For those after the very best of what SSDs have to offer, then it really doesn’t get much better than the Samsung 970 Evo Plus. You’ll need a compatible motherboard with an M.2 slot in order to use it, but most modern motherboards come with at least one of these as standard.

Available in 250GB, 500GB, 1TB and 2TB size capacities, the 970 Evo is a big step up from your typical 2.5in SATA SSD. Its random read speed is 28% faster than Samsung’s 860 Evo, while its random write speed is 34% faster, which is quite the jump. The 970 Evo Plus is also capable of handling heavy read and write queues in over 1400MB/s, this is the best gaming SSD for the ultimate power user. Technically, Samsung’s more upmarket 970 Pro is the superior NVMe SSD here, but there’s really not much it when it comes to performance, and you’ll hate yourself a lot less by opting for the significantly cheaper and still blisteringly fast Evo Plus model.

Speed-wise, the 970 Evo Plus also comfortably sees off the competition from its closest rivals, such as the WD Black SN750 and Adata XPG SX6000 Pro, although I should note that the Adata XPG SX8200 Pro still comes out on top for random read speeds. I should also mention you can get a 1TB SX8200 Pro for around £130 / $150, whereas a 1TB 970 Evo will set you back £195 / $200. As a result, if you’re after a lot of storage for less and don’t mind having slightly slower random write speeds, the SX8200 Pro is also worth considering – although the WD Blue SN550 is arguably better value overall.

5. Samsung T5 – the best external gaming SSD

Samsung T5 - Best SSD for gaming 2020

When it comes to the best external SSDs for gaming, there’s really nothing like the Samsung T5. Samsung may be about to replace it with the Samsung T7 Touch (and its non-touch sibling, the regular Samsung T7) this year, but unless you’ve got a bang-up-to-date laptop or PC that supports the USB 3.2 Gen 2 standard, then you’ll be just as happy with the USB 3.1 Gen 2-supporting T5.

It’s much faster than the WD My Passport SSD, for example, and it’s also a fraction cheaper and an infinitely nicer looking thing to boot. Plus, the fact it’s an SSD also means it’s far less likely to break than an external HDD. Yes, the Samsung T5 is expensive compared to a standard SSD (and especially expensive compared to external HDDs such as the WD Black P10), but if you’re the type of person who travels a lot and doesn’t have enough room for all your games on your laptop, the T5 is a worthwhile investment – although if you really want to future-proof your external SSD purchase, then you’re probably better off spending a bit more on the equally excellent Crucial X8 instead, as this supports the same USB standards as the newer Samsung T7 Touch and is faster overall.

For those that want to keep costs down, however, the Samsung T5 is a tough act to beat. It comes with both USB3 and USB-C connectors for super fast transfer speeds, and its random read and write speeds are pretty good too. It’s not as nippy as Samsung’s 860 Evo, but in terms of overall convenience, nothing else comes close.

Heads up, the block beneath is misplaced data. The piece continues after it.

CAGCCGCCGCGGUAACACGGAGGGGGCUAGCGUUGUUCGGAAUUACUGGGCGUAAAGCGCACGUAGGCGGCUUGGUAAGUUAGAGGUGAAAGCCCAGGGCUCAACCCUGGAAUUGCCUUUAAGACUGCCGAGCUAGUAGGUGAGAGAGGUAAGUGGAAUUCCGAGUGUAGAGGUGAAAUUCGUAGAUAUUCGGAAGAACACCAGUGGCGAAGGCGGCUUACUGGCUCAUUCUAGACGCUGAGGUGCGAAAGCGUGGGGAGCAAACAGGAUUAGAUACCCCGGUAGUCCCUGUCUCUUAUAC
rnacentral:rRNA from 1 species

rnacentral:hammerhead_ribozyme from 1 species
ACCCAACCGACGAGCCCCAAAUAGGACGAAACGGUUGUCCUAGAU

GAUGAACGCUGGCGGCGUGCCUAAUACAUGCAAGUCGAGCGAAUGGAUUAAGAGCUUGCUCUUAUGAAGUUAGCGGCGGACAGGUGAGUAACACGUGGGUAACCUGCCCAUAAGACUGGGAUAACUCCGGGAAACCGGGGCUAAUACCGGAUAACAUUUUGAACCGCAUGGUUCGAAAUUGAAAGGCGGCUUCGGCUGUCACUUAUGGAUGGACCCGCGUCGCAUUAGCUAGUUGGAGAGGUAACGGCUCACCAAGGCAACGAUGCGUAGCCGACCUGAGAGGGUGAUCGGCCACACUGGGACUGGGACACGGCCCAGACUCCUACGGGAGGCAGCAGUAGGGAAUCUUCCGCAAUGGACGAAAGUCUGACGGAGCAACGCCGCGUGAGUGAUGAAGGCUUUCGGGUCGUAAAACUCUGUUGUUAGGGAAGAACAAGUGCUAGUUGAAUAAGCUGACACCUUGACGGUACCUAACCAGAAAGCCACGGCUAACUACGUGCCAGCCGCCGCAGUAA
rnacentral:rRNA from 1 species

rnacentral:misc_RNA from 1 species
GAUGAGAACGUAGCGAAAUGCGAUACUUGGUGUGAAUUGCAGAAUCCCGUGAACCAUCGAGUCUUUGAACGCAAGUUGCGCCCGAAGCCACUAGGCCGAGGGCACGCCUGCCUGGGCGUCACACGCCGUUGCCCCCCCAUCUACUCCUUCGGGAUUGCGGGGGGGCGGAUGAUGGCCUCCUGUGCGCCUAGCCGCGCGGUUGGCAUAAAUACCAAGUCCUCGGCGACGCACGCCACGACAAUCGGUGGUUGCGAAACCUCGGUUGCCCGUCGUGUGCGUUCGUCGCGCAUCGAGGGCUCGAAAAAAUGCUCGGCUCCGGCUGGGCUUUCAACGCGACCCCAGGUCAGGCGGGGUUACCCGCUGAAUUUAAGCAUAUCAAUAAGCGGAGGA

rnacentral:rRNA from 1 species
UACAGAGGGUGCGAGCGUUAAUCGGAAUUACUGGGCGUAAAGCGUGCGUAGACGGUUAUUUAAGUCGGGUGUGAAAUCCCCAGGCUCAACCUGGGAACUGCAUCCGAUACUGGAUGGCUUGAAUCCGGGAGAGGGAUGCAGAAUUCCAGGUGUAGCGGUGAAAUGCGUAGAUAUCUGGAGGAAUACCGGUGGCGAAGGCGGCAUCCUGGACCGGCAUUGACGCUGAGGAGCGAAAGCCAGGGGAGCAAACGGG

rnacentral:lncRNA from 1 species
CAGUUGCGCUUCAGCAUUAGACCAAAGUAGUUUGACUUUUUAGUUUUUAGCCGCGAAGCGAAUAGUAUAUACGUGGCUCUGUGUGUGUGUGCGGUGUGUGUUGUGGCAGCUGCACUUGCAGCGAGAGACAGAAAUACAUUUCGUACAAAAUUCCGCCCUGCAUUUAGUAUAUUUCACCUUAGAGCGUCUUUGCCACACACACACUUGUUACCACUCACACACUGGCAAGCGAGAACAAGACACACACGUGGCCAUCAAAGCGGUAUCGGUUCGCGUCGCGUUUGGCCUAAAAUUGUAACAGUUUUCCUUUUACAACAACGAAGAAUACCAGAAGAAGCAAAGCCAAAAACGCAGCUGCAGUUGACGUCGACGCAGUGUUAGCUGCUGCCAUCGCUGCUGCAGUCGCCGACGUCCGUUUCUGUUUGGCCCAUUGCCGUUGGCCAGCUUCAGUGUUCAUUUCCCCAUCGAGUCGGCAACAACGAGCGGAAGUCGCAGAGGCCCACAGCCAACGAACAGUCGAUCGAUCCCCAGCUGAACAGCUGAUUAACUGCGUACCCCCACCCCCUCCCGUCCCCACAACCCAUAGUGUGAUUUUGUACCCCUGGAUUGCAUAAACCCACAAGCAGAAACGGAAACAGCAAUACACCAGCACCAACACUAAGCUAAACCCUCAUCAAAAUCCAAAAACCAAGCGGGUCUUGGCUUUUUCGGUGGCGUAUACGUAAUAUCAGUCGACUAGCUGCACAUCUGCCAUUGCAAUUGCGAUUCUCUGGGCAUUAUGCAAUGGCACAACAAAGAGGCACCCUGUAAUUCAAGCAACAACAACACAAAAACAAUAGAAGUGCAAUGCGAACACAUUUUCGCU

SATA vs NVMe: What’s the difference?

2.5in SATA SSDs: The easiest drop-in replacement for a standard hard disk is a 2.5in SATA model. These are the same size and shape as a standard 2.5in hard disk, and plug into a normal SATA port on your motherboard. Most modern PC cases have mounting points for 2.5in hard disks, often on the back of the motherboard tray. If yours doesn’t, you can use a £5 adaptor (really just a 3.5in-wide metal plate with screw holes) to fit the SSD in a normal 3.5in hard disk bay.

To avoid crippling the SSD’s performance, make sure you plug the SSD into a SATA 3 port on your motherboard, rather than use SATA 2. SATA 3 SSDs will work in SATA 2 ports, but you’ll likely lose around half the SSD’s performance.

The chief disadvantage of 2.5in SSDs, compared to the mSATA, M.2 and PCI Express cards discussed below, is that they use SATA 3: an interface that’s been around since 2009, and one that isn’t quick enough to cope with the fastest modern SSDs. However, for most users, a SATA 3 SSD will be fine, and still several times faster than a mechanical hard disk.

NVMe SSDs: If you’re in the market for a super-fast SSD that won’t be encumbered by its interface, you need to move beyond SATA to NVMe (also called PCI Express, PCIe NVMe, or just NVMe). Most NVMe SSDs are mounted directly to the motherboard in an M.2 slot. If your motherboard doesn’t have such a slot, there’s only one way to unleash the speed: a PCIe add-in card (AIC). These add-in cards will fit in a spare PCIe x4 or x16 slot and are monstrously quick, as well as monstrously expensive.

If you have a newer motherboard with an M.2 slot, an NVMe SSD is a neater way to add super-fast PCIe storage. Most NVMe SSDs are just 22mm wide and 80mm long (so about a third shorter than a stick of RAM) and screw straight into the motherboard – no more having to route SATA and power cables around your case.

NVMe SSDs require an M.2 slot (above) on your motherboard.

However, the M.2 standard is a little complicated, chiefly due to its versatility. For starters, there are several sizes of M.2 card, such as 2280 and 22110: the first two digits denote the card’s width in mm, and the remaining numbers are the card’s length. Fortunately, the majority of consumer NVMe SSDs are the 2280 size. What’s more, as well as PCIe storage, the M.2 slot can also support SATA SSDs. These don’t have the performance advantage of NVMe drives, but score for neatness, and are about the same price as 2.5in SSDs. Check what standards your motherboard supports, as PCIe SSDs will not work in SATA-only slots and vice versa.

The good news is that many motherboards support both NVMe and SATA M.2 SSDs, giving you the versatility to choose between fast-but-expensive NVMe and slower (but still fast) and cheaper SATA. Bear in mind that the claimed speeds are for sequential transfers, rather than random reads and writes, so should be considered a best-case scenario. It’s also worth looking at a drive’s IOPS, or input/output operations per second, rating. This isn’t always listed in an SSD’s specifications, but it can make a big difference to an SSD’s real-world performance. A drive with a high IOPS rating can perform many more data reads and writes per second than a lower-rated model, which can make a huge difference in the complex data transfer tasks required by a modern operating system.